Chavarria did not leave Sweden by choice. The law on family reunion required him to go back when he came of age, a difficult move at the time. Today however he would not live anywhere else but in El Salvador. “I was a refugee most of my life, and I love my country,” he says. “It’s not worth leaving it in the hands of the bad people.”
Chavarria’s career as an artist started when he gave one of the crosses he had painted to a Finnish pastor. Shortly afterwards the Church of Finland ordered 1,000 pieces. “I worked day and night”, he recalls. “Only weeks after they were delivered, they called again and said: All the crosses have been sold out, can you do another 2,000?” There is still an undertone of disbelief when he tells that story.
A large order of small crosses, each of them painted by hand. Photo: LWF/ C. Kästner
Today, he has a small workshop on the upper floor of La Resurrection, the Lutheran congregation in San Salvador he helps rebuild. On Sundays he plays the piano in the church service, on weekdays he employs seven people with his art, who support their families with that work.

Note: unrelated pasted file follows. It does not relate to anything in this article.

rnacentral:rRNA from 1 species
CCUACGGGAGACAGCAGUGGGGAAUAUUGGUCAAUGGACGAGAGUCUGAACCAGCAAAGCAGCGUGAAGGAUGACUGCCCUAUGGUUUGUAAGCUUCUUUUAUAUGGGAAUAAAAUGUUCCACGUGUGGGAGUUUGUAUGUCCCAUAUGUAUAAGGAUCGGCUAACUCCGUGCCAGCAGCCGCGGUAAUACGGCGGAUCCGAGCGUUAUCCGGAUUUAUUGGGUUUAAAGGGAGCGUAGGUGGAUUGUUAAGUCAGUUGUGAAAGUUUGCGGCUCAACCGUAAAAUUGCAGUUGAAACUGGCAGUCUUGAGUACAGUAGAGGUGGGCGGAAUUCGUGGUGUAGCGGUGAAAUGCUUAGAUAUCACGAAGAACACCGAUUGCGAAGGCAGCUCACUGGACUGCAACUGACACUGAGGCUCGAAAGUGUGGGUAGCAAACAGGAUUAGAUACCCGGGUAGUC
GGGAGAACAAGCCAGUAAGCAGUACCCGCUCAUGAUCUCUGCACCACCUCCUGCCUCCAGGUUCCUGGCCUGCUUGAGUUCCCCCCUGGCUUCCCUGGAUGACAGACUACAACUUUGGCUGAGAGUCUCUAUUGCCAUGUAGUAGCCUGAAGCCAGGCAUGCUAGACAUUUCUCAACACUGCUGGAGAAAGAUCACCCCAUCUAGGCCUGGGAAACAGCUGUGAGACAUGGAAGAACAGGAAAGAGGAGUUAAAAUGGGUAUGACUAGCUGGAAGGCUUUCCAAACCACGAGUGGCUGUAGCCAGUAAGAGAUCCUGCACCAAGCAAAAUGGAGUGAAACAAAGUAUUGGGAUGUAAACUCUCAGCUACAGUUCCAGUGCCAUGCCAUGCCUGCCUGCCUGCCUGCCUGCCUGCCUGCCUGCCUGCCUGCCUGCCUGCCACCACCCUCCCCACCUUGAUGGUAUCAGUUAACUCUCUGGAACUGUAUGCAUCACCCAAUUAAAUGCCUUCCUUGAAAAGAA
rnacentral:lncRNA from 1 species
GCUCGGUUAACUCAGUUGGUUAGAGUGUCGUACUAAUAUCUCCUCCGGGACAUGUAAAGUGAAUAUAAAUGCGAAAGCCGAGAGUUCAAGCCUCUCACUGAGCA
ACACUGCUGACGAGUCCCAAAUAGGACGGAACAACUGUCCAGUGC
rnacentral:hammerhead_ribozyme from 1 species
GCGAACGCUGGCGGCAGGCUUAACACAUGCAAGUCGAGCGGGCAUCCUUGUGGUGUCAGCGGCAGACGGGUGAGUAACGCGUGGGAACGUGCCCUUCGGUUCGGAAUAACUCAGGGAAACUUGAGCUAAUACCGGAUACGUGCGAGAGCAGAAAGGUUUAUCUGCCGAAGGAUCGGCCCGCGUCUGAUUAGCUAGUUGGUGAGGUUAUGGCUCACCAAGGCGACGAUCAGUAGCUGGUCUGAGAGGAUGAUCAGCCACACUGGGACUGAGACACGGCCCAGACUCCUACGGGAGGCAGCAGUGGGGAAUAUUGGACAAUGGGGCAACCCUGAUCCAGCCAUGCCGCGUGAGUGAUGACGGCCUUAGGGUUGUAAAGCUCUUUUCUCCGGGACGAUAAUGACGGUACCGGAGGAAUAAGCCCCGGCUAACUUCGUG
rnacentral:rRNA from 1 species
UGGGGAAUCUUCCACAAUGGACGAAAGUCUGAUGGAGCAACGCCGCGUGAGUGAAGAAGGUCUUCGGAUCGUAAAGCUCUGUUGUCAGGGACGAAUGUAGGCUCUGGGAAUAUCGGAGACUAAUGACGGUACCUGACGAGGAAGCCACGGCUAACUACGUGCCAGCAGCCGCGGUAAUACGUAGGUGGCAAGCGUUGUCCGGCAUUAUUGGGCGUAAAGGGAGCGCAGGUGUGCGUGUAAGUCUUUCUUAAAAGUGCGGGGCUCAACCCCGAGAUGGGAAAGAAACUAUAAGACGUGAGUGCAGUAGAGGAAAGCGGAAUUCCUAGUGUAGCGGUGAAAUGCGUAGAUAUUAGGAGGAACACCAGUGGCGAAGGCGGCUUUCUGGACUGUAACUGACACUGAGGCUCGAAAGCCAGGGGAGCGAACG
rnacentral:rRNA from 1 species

La Resurrection, the congregation Christian helps rebuild and where he helps as a musician. Photo: LWF/ C. Kästner
Chavarria himself still does the designs, drawing the pictures and coming up with the ideas. He estimates that he has made more than 130,000 crosses which travelled to 109 countries. His crosses hang in the offices of bishops, politicians and (former) presidents, they have travelled to North America, Europe, the Middle East, Africa, Asia and the Vatican. LWF president Bishop Munib A. Younan presented Pope Francis with one of the Salvadorian crosses at an audience in 2013.